Monday, September 28, 2009


What Jane Austen and Thomas Aquinas Have In Common

This past weekend I gave a presentation for a local chapter of JASNA (The Jane Austen Society of North America) on the theme of "The Faith of Jane Austen." I don't wish to recap all of my points here, but I came across a statement by (St.)Thomas Aquinas which summed up perfectly what Austen's attitude about faith was, as expressed (0r not expressed, I should say) in her books:

"To one who has faith, no explanation is necessary. To one without faith, no explanation is possible." Aquinas

The first half of this statement was particularly true for Jane when it came to writing her books. She mostly sidesteps the issue of religion, operating on the assumption that most of her audience were members of the Anglican church, just as she was. Being an Anglican in her day meant that you had familiarity with (and implicit agreement with) the Thirty-Nine Articles of the Faith, which school children had to study. Certainly, all of the genteel class, like the Austen family themselves, would have been thoroughly familiar with the articles, (which summarize the beliefs of the church). Children, in fact, were supposed to memorize it in whole or in part, including some of the psalms and collects from the Book of Common Prayer--the primary book of reading for adherents. Anglicanism was the "Church of England," the state religion, and so of course Jane
assumed that most of her readers were familiar with its teachings.

Jane's thrust in her books was to go beyond mere "religion," mere elemental outward tokens of an assumed faith, to sift the motives of her characters. Like Christ, she examines the heart.

Religion was necessary, and church is mentioned in passing often enough so that we know, for instance, that Mr. Darcy attended services, as indeed, all of her sympathetic characters do. Even the ones she is critical of are assumed to do the same. Additionally, these issues didn't present challenges for her personally--Austen doesn't bother with elemental faith issues because they were settled for her (she was devout), but also because she didn't feel an explanation was necessary. The important thing was to know how deeply people were, or were not, living the virtues of a life based on that faith, on their religion.

She was not afraid to poke fun at clergymen or others who were hypocrites, as she had no fears of such undermining the validity of her beliefs. Such people were moral failures in one way or another, and Jane was particularly able to spot them, for she grew up surrounded by models of what true churchman were. She knew better than most, what a proper clergyman was; she had a father and two brothers who served as models; she had cousins and uncles in the profession; she had neighbours and friends of the clergy. She was surrounded by models, both good and bad, and she knew how to show both types in her fiction.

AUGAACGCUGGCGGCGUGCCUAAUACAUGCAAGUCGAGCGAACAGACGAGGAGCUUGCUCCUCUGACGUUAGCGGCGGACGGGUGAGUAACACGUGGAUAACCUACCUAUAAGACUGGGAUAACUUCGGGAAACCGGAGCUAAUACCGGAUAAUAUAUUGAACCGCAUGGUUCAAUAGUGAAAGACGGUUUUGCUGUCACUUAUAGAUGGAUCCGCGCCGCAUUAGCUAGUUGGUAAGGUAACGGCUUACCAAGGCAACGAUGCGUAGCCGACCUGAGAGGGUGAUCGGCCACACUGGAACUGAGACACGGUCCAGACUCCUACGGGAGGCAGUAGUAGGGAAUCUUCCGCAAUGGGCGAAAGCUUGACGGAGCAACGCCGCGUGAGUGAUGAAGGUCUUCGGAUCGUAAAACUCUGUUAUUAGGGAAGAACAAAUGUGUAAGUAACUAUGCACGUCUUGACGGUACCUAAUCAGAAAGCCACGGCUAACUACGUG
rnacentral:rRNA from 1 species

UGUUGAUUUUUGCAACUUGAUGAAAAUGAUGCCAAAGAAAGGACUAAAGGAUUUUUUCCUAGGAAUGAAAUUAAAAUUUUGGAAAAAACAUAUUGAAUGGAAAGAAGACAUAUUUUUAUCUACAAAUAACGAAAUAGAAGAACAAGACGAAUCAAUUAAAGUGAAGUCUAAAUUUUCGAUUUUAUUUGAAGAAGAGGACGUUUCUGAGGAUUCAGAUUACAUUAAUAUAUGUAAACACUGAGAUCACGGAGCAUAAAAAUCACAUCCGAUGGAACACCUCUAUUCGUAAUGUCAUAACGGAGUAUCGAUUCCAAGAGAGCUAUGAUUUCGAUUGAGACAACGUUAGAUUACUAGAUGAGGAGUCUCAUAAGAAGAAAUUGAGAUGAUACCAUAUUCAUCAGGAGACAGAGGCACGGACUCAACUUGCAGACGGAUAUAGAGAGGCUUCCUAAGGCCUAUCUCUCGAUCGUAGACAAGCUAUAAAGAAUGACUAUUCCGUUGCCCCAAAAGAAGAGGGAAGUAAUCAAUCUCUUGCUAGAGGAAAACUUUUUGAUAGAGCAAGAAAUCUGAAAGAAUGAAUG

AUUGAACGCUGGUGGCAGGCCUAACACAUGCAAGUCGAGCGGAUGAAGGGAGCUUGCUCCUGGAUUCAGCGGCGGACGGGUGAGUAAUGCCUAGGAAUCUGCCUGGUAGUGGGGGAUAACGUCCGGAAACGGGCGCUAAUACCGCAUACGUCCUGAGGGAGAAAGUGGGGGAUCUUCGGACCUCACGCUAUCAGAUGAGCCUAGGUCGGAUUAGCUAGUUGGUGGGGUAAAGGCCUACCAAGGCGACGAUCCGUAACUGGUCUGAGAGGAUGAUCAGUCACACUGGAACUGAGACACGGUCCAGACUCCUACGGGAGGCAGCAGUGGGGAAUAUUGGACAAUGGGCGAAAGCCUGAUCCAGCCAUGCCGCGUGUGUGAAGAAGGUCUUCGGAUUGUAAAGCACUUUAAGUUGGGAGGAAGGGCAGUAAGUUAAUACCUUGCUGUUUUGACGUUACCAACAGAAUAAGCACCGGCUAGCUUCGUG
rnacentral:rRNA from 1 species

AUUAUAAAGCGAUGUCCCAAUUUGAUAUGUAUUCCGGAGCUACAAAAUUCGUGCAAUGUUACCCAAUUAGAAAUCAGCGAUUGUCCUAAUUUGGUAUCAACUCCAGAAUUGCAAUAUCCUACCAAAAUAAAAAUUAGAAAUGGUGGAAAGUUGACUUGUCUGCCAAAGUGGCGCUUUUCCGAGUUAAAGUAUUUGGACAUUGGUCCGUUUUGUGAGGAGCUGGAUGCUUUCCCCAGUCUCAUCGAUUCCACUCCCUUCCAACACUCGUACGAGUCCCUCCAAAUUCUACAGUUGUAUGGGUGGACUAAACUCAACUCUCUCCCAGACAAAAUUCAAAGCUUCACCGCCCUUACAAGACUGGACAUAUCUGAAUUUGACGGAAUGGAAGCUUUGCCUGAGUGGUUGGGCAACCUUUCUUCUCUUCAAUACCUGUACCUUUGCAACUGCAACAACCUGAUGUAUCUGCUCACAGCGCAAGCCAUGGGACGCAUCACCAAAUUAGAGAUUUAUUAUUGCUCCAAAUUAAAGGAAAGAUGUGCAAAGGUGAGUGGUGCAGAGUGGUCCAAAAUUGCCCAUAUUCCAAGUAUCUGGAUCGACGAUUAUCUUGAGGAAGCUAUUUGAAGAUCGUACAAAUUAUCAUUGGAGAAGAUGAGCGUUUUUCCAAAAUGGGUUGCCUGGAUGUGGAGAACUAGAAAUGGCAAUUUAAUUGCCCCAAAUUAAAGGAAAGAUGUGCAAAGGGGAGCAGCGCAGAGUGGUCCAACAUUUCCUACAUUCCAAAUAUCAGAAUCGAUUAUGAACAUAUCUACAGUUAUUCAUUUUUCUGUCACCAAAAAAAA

No less than three of her six major works have clergymen as their heroes.The other three have men who are as morally developed as a clergyman should be, at least by the end of the novel (Darcy, Ferrers) if not at the beginning (Knightley). (Edward Ferrers is not yet fully developed in his social manners, but he has behaved with undeniably heroic virtue.)

Every sentence I've written here could be expounded upon at length, and I wish I had the time to do it! But right now I don't. However, let me add that for most of her life, Jane did not like or approve of evangelicals, another reason her works are singularly NOT evangelistic in nature; but she had no less a sincerity of faith than they; and by the end of her life, she reassessed her position, saying,

"I am by no means convinced that we ought not all to be evangelicals, and am at least persuaded that they who are so from reason and feeling must be happiest and safest."

Note that "reason" and "feeling" are keywords in Austen. Reason and feeling=sense and sensibility, and only a balance of the two can make a person fully moral and actualized. One of Austen's themes is that decisions or behaviour based ONLY upon reason, or ONLY upon feelings, can be unfortunate at best, or disastrous at worst.
However, the person who acts upon a proper balance of both, (and with an implicit moral understanding based on their knowledge of God) will be acting wisely, and will get the best results in life.

During my presentation, I discussed how Austen always shows her sympathetic characters questioning their behavior (manners) based not on a modern idea of asking "Who am I?" but on the basis of who they are in society. This is an enormous distinction. In a sense it is, "to whom much is given, much is required." If you are truly noble, it is not your title that will determine it but your manners and actions. If you are truly Christian, it is not your outward vocation, but your motives and actions that will prove it.

I find myself thinking that Austen, in this light, has much to teach us today about the way we should live. Much to teach me. Who we are in society--our society, our personal circles of family, friends, and co-workers, should in large part determine how we behave. For example, are you a mother? Take care of your children. A wife? See to your husband. A manager? Treat those under you with compassion and mercy. The values in Austen's books will always be with us and always be relevant: they come from the Judeo-Christian ethic, the Bible.

This has been a jumble of thoughts about themes that I enjoy exploring in Jane Austen. There is much more to be said on any of them, of course. What about you? Care to comment? Have you found that the "manners and morals" of Austen have spoken to you in your life? I'd love to hear about it.

1 comment:

Dina Sleiman said...

Thanks Linore. I enoyed that. The connection with Thomas Aquinas caught my interest.

Dina